A teach-in and community conversation hosted at SELC's Resilient Communities Legal Cafe, July 02 at 6pm at LOL Makerspace
The concept of private land ownership is deeply ingrained in the American legal system and way of life. Yet it is a relatively recent historical and legal development, tracing its roots back to the process of enclosing common land in 16th century England. This public teach-in and conversation will explore regenerative alternatives to private ownership of land, as well as existing legal mechanisms for democratic land governance.
Guest speaker Hank Herrera of the Center for Popular Research, Education & Policy will share stories about indigenous relationships to land and how the Sacred Community Land Trust seeks to preserve urban land for affordable housing and urban agriculture. Karl Fitzgerald of Prosper Australia will put struggles for urban land in the global context of capital mobility and financial speculation, as well as share a case study of Tuntable Falls, Australia's oldest intentional community.
Following these presentations, we’ll move into conversation about the relevance of these alternative models for rapidly gentrifying urban communities. We hope to identify what policies and practices might be needed to create a broad-based urban land reform movement in the context of gentrification and rapidly changing economies. Come ready to learn and share your own stories.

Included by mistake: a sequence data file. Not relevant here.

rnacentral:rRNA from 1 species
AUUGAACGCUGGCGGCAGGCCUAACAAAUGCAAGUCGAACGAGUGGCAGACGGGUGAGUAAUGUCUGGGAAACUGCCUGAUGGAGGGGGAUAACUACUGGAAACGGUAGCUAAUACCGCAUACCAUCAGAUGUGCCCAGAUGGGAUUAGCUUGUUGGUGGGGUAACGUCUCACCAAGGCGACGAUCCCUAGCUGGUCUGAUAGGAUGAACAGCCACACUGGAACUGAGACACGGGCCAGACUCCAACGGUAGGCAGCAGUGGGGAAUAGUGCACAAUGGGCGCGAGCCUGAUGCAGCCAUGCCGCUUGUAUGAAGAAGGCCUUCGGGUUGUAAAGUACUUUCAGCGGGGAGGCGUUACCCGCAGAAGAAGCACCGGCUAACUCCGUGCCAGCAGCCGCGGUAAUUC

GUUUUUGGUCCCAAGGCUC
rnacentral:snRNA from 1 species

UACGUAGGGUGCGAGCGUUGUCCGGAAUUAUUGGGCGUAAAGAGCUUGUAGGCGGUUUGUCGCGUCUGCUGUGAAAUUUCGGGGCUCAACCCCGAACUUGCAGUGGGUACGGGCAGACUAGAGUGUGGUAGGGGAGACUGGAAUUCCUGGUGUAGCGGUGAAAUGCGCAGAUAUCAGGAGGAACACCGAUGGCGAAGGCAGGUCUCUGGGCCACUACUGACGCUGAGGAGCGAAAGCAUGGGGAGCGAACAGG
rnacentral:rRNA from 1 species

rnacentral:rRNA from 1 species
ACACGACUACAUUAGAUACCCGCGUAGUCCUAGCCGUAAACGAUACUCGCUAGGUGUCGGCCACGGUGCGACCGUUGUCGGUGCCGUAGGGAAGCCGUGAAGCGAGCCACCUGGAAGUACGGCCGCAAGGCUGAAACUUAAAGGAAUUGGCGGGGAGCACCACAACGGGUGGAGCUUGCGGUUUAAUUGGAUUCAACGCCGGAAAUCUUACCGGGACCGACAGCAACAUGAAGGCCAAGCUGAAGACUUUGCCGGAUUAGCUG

Hank is President & CEO of the Center for Popular Research, Education & Policy (C-PREP), a non-profit community based organization. C-PREP serves vulnerable communities with participatory action research, training, technical assistance and policy. His work specifically focuses on food justice and building community resilience. He recently formed New Hope Farms, a network of small farms linked to a network of small corner stores selling only healthy food, using a cooperative model of ownership. He also co-founded and managed Dig Deep Farms & Produce, a project of the Alameda County Deputy Sheriffs Activities League, and participates in action research for the Food Dignity Project, a five-year study of how five communities in the US build sustainable community food systems to reduce food insecurity, Hank is a Robert Wood Johnson Clinical Scholar and a Kellogg National Fellow. He practiced psychiatry long enough. He plays the alto saxophone; writes poetry and makes photographs. He lives in Oakland, California, where he enjoys biking and walking along San Francisco Bay at Cesar Chavez Park.
Karl Fitzgerald works as the Project Director for Prosper Australia, an NGO focusing on economic justice. He produced the documentary Real Estate 4 Ransom and runs the weekly Renegade Economists radio podcast. Karl works closely with Professor Michael Hudson as his webmaster and co-editor ,and authored the 2013 Total Resource Rents of Australia report - Harnessing the Power of Monopoly. He stays sane by running a permaculture based community nursery, POWer Plants, from the spare driveway of his house with his young family.
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